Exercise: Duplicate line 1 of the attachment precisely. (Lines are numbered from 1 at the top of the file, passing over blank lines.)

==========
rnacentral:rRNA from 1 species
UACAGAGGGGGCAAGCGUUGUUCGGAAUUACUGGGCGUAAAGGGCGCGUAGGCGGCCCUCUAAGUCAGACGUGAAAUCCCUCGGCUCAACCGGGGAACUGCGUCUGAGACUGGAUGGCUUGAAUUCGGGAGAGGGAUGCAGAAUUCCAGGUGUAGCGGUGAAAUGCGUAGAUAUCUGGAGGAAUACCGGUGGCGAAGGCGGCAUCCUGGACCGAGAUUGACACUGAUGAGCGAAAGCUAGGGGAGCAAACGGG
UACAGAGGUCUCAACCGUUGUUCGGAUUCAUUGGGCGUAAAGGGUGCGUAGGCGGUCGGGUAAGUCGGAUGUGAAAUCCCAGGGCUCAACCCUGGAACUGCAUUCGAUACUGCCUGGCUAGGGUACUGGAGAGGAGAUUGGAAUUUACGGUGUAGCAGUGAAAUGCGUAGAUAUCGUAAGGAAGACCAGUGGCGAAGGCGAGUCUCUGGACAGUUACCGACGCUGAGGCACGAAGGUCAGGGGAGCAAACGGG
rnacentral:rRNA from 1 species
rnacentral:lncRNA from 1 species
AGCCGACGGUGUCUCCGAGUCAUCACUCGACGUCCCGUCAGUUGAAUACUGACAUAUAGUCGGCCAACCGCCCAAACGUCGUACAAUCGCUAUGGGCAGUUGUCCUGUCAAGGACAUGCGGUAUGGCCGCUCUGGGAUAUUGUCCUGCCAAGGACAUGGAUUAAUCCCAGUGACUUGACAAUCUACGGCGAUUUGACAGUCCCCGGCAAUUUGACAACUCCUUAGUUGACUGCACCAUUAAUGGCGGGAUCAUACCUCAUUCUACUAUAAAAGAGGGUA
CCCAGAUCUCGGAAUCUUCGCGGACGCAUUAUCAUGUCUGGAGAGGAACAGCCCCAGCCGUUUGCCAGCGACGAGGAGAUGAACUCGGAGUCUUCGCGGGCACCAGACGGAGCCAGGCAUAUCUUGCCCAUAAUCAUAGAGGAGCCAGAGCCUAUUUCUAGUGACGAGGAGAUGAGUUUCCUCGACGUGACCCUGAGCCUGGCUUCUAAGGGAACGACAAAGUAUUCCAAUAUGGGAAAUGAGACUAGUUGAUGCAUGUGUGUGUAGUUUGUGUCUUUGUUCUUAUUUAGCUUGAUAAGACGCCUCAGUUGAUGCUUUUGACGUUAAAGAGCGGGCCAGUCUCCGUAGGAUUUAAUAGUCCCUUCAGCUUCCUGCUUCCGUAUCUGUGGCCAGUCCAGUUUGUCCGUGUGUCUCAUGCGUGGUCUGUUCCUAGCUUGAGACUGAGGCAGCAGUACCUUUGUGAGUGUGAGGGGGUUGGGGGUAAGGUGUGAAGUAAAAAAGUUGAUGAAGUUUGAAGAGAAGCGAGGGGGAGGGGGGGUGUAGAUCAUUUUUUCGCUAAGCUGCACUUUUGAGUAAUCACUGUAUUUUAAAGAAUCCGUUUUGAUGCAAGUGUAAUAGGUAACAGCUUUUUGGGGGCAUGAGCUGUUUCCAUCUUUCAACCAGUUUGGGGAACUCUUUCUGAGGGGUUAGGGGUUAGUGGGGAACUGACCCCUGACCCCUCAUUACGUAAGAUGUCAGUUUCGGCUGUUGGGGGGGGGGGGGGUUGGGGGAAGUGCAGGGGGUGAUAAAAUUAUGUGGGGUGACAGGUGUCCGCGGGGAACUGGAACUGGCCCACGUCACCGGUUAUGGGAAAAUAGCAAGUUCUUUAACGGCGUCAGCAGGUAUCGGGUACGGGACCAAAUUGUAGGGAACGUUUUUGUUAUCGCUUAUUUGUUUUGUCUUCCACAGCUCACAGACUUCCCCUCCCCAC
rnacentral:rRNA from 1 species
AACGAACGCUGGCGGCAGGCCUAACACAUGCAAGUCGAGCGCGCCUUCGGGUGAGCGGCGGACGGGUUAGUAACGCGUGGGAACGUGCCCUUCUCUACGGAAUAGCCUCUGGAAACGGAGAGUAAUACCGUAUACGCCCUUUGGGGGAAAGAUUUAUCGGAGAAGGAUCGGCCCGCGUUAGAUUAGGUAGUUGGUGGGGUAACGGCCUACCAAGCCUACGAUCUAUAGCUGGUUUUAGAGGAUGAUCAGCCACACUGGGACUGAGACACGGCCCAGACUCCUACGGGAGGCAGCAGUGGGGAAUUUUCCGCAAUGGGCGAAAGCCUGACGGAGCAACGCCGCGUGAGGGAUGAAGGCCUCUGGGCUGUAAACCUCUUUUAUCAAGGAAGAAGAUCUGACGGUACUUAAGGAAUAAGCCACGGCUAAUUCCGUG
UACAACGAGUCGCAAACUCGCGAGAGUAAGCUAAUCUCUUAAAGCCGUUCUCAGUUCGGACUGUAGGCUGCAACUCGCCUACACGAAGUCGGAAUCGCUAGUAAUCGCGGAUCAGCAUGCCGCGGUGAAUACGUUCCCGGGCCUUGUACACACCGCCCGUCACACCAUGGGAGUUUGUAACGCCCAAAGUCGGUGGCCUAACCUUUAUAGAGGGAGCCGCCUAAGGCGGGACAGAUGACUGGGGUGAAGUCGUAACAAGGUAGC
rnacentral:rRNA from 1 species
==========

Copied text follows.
rnacentral:rRNA from 1 species